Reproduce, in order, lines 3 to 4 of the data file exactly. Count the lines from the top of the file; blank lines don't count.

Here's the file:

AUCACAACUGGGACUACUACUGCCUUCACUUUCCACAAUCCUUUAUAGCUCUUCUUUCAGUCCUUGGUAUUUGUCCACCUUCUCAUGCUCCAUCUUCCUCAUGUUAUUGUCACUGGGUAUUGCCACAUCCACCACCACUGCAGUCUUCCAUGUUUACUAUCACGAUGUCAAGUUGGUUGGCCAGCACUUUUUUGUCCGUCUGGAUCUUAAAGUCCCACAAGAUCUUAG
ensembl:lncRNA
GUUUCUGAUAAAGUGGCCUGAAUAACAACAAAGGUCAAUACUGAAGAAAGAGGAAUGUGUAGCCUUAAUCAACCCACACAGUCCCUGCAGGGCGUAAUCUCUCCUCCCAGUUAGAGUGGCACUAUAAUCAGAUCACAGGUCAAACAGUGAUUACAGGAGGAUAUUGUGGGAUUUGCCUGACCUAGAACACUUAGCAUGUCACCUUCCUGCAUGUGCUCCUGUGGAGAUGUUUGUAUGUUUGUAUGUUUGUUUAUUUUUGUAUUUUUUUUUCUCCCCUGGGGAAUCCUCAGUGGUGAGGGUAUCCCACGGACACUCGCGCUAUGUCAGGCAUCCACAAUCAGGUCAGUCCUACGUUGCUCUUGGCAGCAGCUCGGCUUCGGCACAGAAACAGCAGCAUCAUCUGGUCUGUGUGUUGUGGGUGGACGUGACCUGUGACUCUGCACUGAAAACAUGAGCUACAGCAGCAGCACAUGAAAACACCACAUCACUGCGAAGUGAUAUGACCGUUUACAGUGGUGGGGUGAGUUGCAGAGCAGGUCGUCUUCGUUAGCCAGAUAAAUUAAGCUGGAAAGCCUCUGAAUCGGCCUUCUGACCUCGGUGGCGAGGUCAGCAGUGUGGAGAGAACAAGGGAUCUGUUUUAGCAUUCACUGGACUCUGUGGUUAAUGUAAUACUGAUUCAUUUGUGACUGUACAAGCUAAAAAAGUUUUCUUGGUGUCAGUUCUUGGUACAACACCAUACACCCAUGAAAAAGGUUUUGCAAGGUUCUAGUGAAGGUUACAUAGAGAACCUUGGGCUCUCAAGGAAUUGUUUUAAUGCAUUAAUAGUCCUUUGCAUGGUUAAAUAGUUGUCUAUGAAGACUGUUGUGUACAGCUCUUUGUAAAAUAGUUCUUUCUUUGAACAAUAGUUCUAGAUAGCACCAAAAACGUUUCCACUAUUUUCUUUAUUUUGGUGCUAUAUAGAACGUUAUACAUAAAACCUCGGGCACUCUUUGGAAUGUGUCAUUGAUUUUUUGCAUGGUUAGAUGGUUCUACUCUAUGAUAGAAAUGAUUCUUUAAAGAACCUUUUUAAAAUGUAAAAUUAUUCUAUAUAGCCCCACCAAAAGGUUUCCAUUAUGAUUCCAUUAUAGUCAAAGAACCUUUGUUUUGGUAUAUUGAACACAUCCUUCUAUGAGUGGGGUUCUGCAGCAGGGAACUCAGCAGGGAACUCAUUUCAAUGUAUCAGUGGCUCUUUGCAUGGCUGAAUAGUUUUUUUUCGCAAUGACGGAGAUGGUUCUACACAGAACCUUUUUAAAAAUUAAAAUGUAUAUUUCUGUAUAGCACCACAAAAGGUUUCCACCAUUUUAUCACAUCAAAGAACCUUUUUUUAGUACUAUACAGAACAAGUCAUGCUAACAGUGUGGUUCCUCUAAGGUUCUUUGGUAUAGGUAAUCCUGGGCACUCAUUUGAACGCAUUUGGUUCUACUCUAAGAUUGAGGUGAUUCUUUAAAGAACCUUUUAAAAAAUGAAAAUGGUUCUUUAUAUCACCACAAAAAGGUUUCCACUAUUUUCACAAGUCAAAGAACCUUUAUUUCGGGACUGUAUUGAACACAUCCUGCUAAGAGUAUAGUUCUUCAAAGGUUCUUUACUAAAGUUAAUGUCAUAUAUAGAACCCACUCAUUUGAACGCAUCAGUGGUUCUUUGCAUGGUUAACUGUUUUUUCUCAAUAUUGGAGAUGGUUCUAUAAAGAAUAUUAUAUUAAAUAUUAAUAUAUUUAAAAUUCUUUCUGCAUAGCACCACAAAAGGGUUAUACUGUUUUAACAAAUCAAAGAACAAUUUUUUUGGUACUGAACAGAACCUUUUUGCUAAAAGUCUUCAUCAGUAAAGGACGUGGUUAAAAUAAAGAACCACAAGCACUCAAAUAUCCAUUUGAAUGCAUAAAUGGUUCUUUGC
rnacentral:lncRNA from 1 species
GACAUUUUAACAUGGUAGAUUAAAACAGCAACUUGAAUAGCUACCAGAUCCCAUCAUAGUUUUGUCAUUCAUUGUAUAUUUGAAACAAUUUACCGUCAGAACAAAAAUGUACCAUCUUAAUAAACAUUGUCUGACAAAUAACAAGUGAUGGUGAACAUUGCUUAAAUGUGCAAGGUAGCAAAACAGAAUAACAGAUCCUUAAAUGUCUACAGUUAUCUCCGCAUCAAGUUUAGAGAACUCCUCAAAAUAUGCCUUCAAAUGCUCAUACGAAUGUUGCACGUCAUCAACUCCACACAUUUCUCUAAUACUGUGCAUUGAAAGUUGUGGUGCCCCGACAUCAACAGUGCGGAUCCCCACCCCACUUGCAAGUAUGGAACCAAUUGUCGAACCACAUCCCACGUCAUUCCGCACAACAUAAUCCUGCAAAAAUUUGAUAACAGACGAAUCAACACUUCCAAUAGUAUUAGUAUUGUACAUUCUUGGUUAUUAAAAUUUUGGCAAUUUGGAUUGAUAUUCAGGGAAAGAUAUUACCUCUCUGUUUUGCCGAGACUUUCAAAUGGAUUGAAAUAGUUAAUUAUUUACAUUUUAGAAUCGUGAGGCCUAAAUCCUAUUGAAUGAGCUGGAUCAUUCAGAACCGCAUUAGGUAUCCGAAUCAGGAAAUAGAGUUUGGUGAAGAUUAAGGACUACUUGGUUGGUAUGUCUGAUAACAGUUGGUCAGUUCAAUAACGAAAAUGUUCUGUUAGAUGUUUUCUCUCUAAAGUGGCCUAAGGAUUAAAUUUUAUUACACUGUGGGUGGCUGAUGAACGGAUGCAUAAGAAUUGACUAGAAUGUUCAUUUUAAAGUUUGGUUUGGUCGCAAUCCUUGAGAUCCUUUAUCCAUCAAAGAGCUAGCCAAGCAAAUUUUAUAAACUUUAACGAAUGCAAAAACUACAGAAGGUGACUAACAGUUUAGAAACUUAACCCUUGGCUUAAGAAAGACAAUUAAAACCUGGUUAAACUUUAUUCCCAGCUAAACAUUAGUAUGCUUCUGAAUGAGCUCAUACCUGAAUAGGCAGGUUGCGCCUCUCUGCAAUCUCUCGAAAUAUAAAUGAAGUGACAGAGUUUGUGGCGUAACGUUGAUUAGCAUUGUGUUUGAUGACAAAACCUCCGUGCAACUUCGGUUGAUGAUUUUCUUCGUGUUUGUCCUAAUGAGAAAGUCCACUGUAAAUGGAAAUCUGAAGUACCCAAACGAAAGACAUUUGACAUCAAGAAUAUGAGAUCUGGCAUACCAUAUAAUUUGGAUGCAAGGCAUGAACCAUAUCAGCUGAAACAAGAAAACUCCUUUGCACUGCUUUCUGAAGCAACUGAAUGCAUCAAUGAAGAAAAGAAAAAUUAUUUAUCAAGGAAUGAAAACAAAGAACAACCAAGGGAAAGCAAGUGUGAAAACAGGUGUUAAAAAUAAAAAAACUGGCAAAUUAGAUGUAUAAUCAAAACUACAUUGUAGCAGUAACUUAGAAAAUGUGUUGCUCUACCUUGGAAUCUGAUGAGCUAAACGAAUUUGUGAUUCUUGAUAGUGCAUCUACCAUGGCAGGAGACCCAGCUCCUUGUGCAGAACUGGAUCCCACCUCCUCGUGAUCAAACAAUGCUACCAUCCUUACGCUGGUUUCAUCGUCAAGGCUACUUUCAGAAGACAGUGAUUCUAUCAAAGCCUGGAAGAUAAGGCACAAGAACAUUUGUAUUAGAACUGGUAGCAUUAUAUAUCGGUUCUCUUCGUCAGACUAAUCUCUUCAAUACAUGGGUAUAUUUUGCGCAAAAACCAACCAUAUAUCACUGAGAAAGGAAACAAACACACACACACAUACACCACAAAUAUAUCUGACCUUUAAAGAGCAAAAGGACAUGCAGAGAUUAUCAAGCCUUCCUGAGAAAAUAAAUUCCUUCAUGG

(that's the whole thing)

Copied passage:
GUUUCUGAUAAAGUGGCCUGAAUAACAACAAAGGUCAAUACUGAAGAAAGAGGAAUGUGUAGCCUUAAUCAACCCACACAGUCCCUGCAGGGCGUAAUCUCUCCUCCCAGUUAGAGUGGCACUAUAAUCAGAUCACAGGUCAAACAGUGAUUACAGGAGGAUAUUGUGGGAUUUGCCUGACCUAGAACACUUAGCAUGUCACCUUCCUGCAUGUGCUCCUGUGGAGAUGUUUGUAUGUUUGUAUGUUUGUUUAUUUUUGUAUUUUUUUUUCUCCCCUGGGGAAUCCUCAGUGGUGAGGGUAUCCCACGGACACUCGCGCUAUGUCAGGCAUCCACAAUCAGGUCAGUCCUACGUUGCUCUUGGCAGCAGCUCGGCUUCGGCACAGAAACAGCAGCAUCAUCUGGUCUGUGUGUUGUGGGUGGACGUGACCUGUGACUCUGCACUGAAAACAUGAGCUACAGCAGCAGCACAUGAAAACACCACAUCACUGCGAAGUGAUAUGACCGUUUACAGUGGUGGGGUGAGUUGCAGAGCAGGUCGUCUUCGUUAGCCAGAUAAAUUAAGCUGGAAAGCCUCUGAAUCGGCCUUCUGACCUCGGUGGCGAGGUCAGCAGUGUGGAGAGAACAAGGGAUCUGUUUUAGCAUUCACUGGACUCUGUGGUUAAUGUAAUACUGAUUCAUUUGUGACUGUACAAGCUAAAAAAGUUUUCUUGGUGUCAGUUCUUGGUACAACACCAUACACCCAUGAAAAAGGUUUUGCAAGGUUCUAGUGAAGGUUACAUAGAGAACCUUGGGCUCUCAAGGAAUUGUUUUAAUGCAUUAAUAGUCCUUUGCAUGGUUAAAUAGUUGUCUAUGAAGACUGUUGUGUACAGCUCUUUGUAAAAUAGUUCUUUCUUUGAACAAUAGUUCUAGAUAGCACCAAAAACGUUUCCACUAUUUUCUUUAUUUUGGUGCUAUAUAGAACGUUAUACAUAAAACCUCGGGCACUCUUUGGAAUGUGUCAUUGAUUUUUUGCAUGGUUAGAUGGUUCUACUCUAUGAUAGAAAUGAUUCUUUAAAGAACCUUUUUAAAAUGUAAAAUUAUUCUAUAUAGCCCCACCAAAAGGUUUCCAUUAUGAUUCCAUUAUAGUCAAAGAACCUUUGUUUUGGUAUAUUGAACACAUCCUUCUAUGAGUGGGGUUCUGCAGCAGGGAACUCAGCAGGGAACUCAUUUCAAUGUAUCAGUGGCUCUUUGCAUGGCUGAAUAGUUUUUUUUCGCAAUGACGGAGAUGGUUCUACACAGAACCUUUUUAAAAAUUAAAAUGUAUAUUUCUGUAUAGCACCACAAAAGGUUUCCACCAUUUUAUCACAUCAAAGAACCUUUUUUUAGUACUAUACAGAACAAGUCAUGCUAACAGUGUGGUUCCUCUAAGGUUCUUUGGUAUAGGUAAUCCUGGGCACUCAUUUGAACGCAUUUGGUUCUACUCUAAGAUUGAGGUGAUUCUUUAAAGAACCUUUUAAAAAAUGAAAAUGGUUCUUUAUAUCACCACAAAAAGGUUUCCACUAUUUUCACAAGUCAAAGAACCUUUAUUUCGGGACUGUAUUGAACACAUCCUGCUAAGAGUAUAGUUCUUCAAAGGUUCUUUACUAAAGUUAAUGUCAUAUAUAGAACCCACUCAUUUGAACGCAUCAGUGGUUCUUUGCAUGGUUAACUGUUUUUUCUCAAUAUUGGAGAUGGUUCUAUAAAGAAUAUUAUAUUAAAUAUUAAUAUAUUUAAAAUUCUUUCUGCAUAGCACCACAAAAGGGUUAUACUGUUUUAACAAAUCAAAGAACAAUUUUUUUGGUACUGAACAGAACCUUUUUGCUAAAAGUCUUCAUCAGUAAAGGACGUGGUUAAAAUAAAGAACCACAAGCACUCAAAUAUCCAUUUGAAUGCAUAAAUGGUUCUUUGC
rnacentral:lncRNA from 1 species